Flippin' 'eck! It's October already? That can only mean one thing... 'October Rust' by Type O Negative. Yep, my all-time favourite album ever. I'm going to play it to death like I do every year. And why not?
As a journalist you're constantly exposed to new albums by new bands, and sometimes its hard to find time to go back and listen to old favourites (let alone be able to say you have a definitive favourite album that forsakes all others), but for me 'October Rust' is one album I can always make time for.
I bought the album back in the autumn of 2000 from Record Village in Scunthorpe. I was about fourteen I think, and I'd not long heard the song 'My Girlfriend's Girlfriend' on a compilation album. It's cheesy 60s pop vibe and heavy guitars were definitely up my street, and with it being the pre-broadband days of the internet streaming it or watching the videos wasn't an option. I had to have it. But when I got home I was unprepared for what I heard. As I hit play I heard a noise that caused me to pause it immediately and check the speakers on my hi-fi... they were fine. So I hit play again and the noise continued. My heart dropped as I thought to myself that the disc was somehow corrupted. But before I could hit the button to skip to track two the thick Brooklynite accents of the band laughed through the speakers and explained it was a joke. I was momentarily confused but soon found myself laughing at the joke that I’d fallen for hook, line and sinker.
Then the opening strains of 'Love You To Death' sauntered into my ears, and I was instantly addicted. The Type O Negative sound was totally unique. Like something between The Beatles and Black Sabbath. Sumptuous gothic keyboards, heavy distorted guitars, and Peter Steele's unique baritone vocals sounded like pure gold to me... and still does. Next was the deep bass groove of 'Be My Druidess' followed by the up-tempo 'Green Man' and the mournful 'Red Water (Christmas Mourning)' and that's before I'd even got to the song that I wanted the album for. The album continues down a path of sheer sonic perfection with the melancholic pop of 'Die With Me', the simple but heavy 'Burnt Flowers Fallen', the remorseful 'In Praise Of Bacchus' and the brilliantly executed Neil Young cover 'Cinnamon Girl'. The album then takes a sudden sharp turn towards darker waters with the martial instrumental 'The Glorious Liberation Of The People's Technocratic Republic Of Vinnland By The Combined Forces Of The United Territories Of Europa'. The album is rounded of with the doom-laden masterpieces that are 'Wolf Moon (Including Zoanthropic Paranoia)' and 'Haunted'.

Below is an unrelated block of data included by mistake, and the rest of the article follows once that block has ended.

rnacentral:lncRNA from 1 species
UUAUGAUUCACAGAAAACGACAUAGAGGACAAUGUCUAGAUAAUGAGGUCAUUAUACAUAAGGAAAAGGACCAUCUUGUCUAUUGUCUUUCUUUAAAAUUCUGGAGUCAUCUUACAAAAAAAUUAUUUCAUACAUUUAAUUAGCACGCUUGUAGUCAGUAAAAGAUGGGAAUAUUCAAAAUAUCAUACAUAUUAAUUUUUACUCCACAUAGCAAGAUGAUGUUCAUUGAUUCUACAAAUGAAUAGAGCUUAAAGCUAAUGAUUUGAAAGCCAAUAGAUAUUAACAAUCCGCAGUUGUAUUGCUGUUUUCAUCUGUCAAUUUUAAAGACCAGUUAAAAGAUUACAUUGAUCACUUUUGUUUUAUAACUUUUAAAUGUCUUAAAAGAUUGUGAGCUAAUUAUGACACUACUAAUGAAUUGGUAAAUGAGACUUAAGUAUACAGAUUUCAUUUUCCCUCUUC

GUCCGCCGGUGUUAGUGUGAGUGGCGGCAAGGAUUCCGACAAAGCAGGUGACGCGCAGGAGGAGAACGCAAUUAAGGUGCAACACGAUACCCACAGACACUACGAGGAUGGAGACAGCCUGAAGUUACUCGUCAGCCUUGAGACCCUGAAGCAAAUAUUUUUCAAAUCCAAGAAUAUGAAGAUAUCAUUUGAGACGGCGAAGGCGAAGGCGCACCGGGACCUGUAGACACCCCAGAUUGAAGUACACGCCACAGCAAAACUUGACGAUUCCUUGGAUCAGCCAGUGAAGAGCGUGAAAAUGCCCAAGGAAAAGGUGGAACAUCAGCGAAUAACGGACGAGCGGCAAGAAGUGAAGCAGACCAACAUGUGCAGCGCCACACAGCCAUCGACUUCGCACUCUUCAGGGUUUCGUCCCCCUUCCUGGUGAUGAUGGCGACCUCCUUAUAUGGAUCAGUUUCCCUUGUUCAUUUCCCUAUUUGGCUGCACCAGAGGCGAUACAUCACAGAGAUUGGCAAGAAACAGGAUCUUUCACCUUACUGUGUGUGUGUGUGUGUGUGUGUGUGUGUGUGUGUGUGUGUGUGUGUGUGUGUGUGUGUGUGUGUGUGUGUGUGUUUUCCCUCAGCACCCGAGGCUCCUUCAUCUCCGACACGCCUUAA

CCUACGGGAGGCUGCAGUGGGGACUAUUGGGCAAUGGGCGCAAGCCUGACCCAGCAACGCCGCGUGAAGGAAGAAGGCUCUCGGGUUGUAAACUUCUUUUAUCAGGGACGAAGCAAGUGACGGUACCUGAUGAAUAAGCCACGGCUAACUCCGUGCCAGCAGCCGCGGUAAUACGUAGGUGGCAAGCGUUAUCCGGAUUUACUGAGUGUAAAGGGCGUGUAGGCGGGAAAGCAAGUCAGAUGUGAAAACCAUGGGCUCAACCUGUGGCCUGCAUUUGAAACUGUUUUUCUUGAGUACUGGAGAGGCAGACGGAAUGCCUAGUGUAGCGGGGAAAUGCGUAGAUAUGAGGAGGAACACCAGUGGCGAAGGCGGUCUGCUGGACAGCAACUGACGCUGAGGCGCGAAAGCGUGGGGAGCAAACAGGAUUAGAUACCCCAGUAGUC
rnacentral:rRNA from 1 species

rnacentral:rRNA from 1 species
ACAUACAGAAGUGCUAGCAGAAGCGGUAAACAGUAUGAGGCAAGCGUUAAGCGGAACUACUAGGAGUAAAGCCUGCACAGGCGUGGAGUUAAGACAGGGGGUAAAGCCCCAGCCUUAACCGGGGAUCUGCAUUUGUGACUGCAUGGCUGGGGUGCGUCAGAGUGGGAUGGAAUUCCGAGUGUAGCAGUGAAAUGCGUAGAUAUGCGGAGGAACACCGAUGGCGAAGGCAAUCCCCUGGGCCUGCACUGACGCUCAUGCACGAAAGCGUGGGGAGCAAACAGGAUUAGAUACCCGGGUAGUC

There's one final message from Peter Steele at the end to add the full-stop to the album, in which he simply says:
“Well, that's it, that's all we have. I hope it wasn't too disappointing. We will see you on tour. Until then, take it easy.”
'October Rust' set the mark for me musically, and it's one that has been seldom equalled, and never passed. Its balance between humour and despair that runs through the album. Self-deprecating and brutally honest lyrics set within the confines some fantastically crafted music. A weary journey through seasons and emotions that is perfect for dark, introspective nights and is made all the more poignant since its writer's untimely death back in 2010. I whole-heartedly encourage everyone to give this album a listen at least once. I don't think you'll be too disappointed.
In other news, we're sponsoring the Dystopia club night's “Monster Apocalypse” in Birmingham on the 11th October. So if you're in that part of the world make sure you drop in. And if you're still not in the mood for Halloween, make sure you keep an eye out for our scary book selections for this year's All Hallow's Read.
Finally, if you are interested in writing for IVM please direct your attention to the tab at the top of the site marked 'Writing For IVM'. Especially if you are a film buff.
Once again, make sure you have these links in your favourites: